Here's how Philly co-ops fared in 2015 - Generocity Philly


Mar. 21, 2016 3:28 pm

Here’s how Philly co-ops fared in 2015

Philadelphia Area Cooperative Alliance released their annual report.

Philly co-ops continue to weave their way as players in the new economy.

(Photo by Flickr user pwbaker, used under a Creative Commons license)

Worker cooperatives are gaining traction across the world as an effective solution to wage inequality.

And while all co-ops are tasked with balancing the challenges of a relatively new business model with the fight for survival in their respective industries, their popularity continues to spread.

The Philadelphia Area Co-Operative Alliance (PACA) is a microcosm of that widespread popularity. Acting as a chamber of commerce of sorts for area co-ops, 2015 was the organization’s first year operating with full-time staff.

PACA just released its annual report for 2015, and besides the fact that it’s super pretty (hubba hubba), it provides some valuable insight into the local co-op community. Here are three takeaways.

  • Welcome to the club. Four new area co-ops launched in 2015, and 17 more are reportedly in development. As Philly’s co-op community continues to expand, PACA’s reach will follow suit (more co-ops = more members = more dollars in membership dues).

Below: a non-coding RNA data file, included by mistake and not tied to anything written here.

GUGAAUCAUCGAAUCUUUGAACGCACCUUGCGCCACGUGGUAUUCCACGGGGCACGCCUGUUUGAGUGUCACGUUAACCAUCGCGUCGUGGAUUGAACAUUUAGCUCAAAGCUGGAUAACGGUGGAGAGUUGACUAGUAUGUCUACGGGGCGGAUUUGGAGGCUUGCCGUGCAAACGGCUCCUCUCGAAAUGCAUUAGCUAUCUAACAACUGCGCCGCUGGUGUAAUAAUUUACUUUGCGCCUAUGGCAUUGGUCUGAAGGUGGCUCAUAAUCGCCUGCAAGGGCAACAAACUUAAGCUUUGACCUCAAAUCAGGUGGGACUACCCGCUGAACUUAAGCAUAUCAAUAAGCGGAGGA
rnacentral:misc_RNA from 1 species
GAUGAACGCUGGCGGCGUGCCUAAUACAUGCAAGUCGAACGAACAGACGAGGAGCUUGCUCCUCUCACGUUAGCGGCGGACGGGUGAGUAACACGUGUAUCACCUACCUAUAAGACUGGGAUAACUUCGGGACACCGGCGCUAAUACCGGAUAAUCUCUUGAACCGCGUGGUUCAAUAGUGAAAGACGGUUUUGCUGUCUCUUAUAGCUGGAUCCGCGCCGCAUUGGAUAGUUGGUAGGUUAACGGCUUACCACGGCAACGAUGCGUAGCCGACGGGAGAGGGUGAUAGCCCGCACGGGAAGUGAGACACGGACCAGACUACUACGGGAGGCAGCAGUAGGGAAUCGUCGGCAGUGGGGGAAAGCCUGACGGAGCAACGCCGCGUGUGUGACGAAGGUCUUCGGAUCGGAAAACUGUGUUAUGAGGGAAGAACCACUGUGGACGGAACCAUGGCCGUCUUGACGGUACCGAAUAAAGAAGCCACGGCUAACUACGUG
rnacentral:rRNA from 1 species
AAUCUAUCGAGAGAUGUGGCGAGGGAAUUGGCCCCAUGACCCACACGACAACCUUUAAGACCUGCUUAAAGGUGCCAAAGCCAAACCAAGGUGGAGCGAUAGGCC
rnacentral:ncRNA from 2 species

• Honing its role. Of the 11 events PACA held in 2015, it reported 550 attendees — an average of 50 attendees per event. The organization brought on two new part-time staffers, provided 27 co-ops with technical and business consulting and landed a $25,000 from the USDA for a purchasing co-op feasibility study.
  • Signs of growth. PACA is developing the Cooperative Leadership Institute, a training program for leaders working within co-ops set to launch this spring. And though they’re only a slight majority, PACA reports 56 percent of local leaders anticipate “significant” growth in 2016 — a sentiment corroborated by individuals outside the co-op movement looking in.
PACA 2015 Annual Report

On the funding front, PACA reported a net income of $21,000. The majority of the organization’s income in 2015 didn’t come from grants or donations, but from “related organizations” like National Cooperative Business Association, which sponsored the first 18 months of executive director staffing for the organization

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“Behind the specific numbers and milestones, you’ll notice a pattern of collaboration,” writes board president Estaban Kelly. “Part of our theory of change is that more can be achieved when people and groups come together around common purpose.”


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